A year or so ago, I got this e-mail from a student:
I am extremely conscerned [sic] after taking the first exam online because I didn’t even come close to finishing it on time and ended up with a 56 as a grade. I have attended every single class, paid attention, and felt like I understood the material so I don’t understand how this grade is possible for me. I am also conscerned [sic] because I only got a 50 on the 2nd post. This means my average is extremely low and in a class that I feel I have put a lot of effort into.”
This e-mail is illustrative of the two different “logics” that order the actions of students and professors.
Professors, by and large, organize their thoughts and actions based upon the logic of learning. Meaning, they understand the process of education to be one of inquiry, discovery, and intellectual growth. According to this logic, the goal is to construct an environment that affords students the best opportunities to learn as much about the given topic as possible. Success is measured qualitatively, through the type of questions asked and the amount of interest in the course. The means through which a course is produced (the lesson plan) matter more than the ends of the course (the grades). The question that must be answered: what did my students learn?
Students, by and large, organize their thoughts and actions based upon the logic of earning. Meaning, they see the process of education not unlike that of a job, where tasks are completed and rewards are given based upon the completion of those tasks. According to this logic, a student’s goal is to earn the highest grade possible. Success is measured quantitatively, in grades. The ends of the course (the grade) matter more than the means through which the course is produced (the lesson plan). The question that must be answered: what is going to be on the test?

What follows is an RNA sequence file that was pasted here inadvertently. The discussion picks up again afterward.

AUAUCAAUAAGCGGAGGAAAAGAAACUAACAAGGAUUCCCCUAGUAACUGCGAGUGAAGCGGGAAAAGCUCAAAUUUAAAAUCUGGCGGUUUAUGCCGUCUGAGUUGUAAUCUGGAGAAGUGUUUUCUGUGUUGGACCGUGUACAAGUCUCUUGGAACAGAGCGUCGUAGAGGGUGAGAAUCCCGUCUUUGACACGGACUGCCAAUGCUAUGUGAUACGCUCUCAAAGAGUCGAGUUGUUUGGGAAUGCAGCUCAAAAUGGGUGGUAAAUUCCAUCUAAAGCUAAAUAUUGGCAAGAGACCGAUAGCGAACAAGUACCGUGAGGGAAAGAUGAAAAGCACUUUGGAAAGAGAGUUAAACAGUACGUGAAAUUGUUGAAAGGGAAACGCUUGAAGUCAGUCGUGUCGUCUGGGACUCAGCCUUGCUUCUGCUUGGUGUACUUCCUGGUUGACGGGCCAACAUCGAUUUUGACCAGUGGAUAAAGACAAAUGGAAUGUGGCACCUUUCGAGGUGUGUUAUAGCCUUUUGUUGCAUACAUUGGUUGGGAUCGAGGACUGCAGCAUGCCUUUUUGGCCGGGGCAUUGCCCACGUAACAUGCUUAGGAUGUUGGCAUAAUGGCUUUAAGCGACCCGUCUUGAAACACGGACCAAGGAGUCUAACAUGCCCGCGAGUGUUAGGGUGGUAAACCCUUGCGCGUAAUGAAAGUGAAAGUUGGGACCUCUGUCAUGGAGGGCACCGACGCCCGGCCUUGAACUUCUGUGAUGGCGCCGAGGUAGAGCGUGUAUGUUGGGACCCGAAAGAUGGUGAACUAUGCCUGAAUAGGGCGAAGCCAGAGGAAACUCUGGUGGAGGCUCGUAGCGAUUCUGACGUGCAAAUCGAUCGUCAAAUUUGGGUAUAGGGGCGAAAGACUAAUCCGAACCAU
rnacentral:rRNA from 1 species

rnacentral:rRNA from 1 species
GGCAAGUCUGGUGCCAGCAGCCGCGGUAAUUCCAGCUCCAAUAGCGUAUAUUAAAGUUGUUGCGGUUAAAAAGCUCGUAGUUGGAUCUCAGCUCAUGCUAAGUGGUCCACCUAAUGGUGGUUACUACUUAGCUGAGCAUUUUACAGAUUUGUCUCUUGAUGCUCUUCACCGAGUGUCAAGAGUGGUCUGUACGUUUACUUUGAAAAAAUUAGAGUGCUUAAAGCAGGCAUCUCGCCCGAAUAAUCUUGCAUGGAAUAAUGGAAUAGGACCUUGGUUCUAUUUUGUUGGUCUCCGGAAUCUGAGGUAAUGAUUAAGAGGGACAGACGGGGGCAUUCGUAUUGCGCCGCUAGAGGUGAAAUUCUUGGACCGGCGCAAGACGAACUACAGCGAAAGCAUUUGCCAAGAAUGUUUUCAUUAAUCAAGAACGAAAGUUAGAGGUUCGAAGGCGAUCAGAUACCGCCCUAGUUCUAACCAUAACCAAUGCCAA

These two logics are often at odds, as one can earn without learning, and learn without earning. In my opinion there is a “learning – earning” gap in higher education.
The student above has an earning logic, and using this logic, is justifiably worried. She has followed the rules, been a “good student” and yet, she is not getting the results she expects. She judges the ends of her efforts, the grades, as being unsatisfactory. While it would be nice to learn on her way to a satisfactory grade, the entire endeavor was not worth her time, and inherently unjust.
By contrast, I judge the situation and that student’s performance through a learning logic. I take some justified pleasure in knowing that I was able to get a student to “attend every class” and “pay attention”. I judge my efforts as being wholly satisfactory. While it would be nice for every student to receive a satisfactory grade, the entire process was worthwhile, and the end result was just.
I’ve just presented two idealized thought processes. Of course students want to learn and professors are aware that grades matter. These two ideal types only function as a heuristic.
The reality is more complex. A “good” professor organizes his class so that students can be successful – no matter their individual ability levels, while still finding ways to make the lecture more than just test prep. A “good” student gets high marks, but also expresses interest in the material and racks up “participation points”. “Bad” students are those who enter into the class thinking solely about the grade, and “bad” professors are those who are not attuned to the realities of students they are serving.
However the logics are organized, any course will be composed of an assortment of students each falling somewhere on the learning-earning scale – but in the aggregate closer to the earning pole, and a professor falling somewhere on the learning-earning scale, but closer to the learning pole. Thus, there is almost always a learning-earning gap in college classrooms.
I’ve been working on ways to bridge this gap using the digital environment. Let me explain…